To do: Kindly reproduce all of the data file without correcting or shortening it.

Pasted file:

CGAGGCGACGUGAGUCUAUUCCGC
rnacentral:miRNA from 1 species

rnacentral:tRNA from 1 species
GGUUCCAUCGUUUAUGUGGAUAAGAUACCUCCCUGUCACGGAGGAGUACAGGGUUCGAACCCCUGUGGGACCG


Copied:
CGAGGCGACGUGAGUCUAUUCCGC
rnacentral:miRNA from 1 species

rnacentral:tRNA from 1 species
GGUUCCAUCGUUUAUGUGGAUAAGAUACCUCCCUGUCACGGAGGAGUACAGGGUUCGAACCCCUGUGGGACCG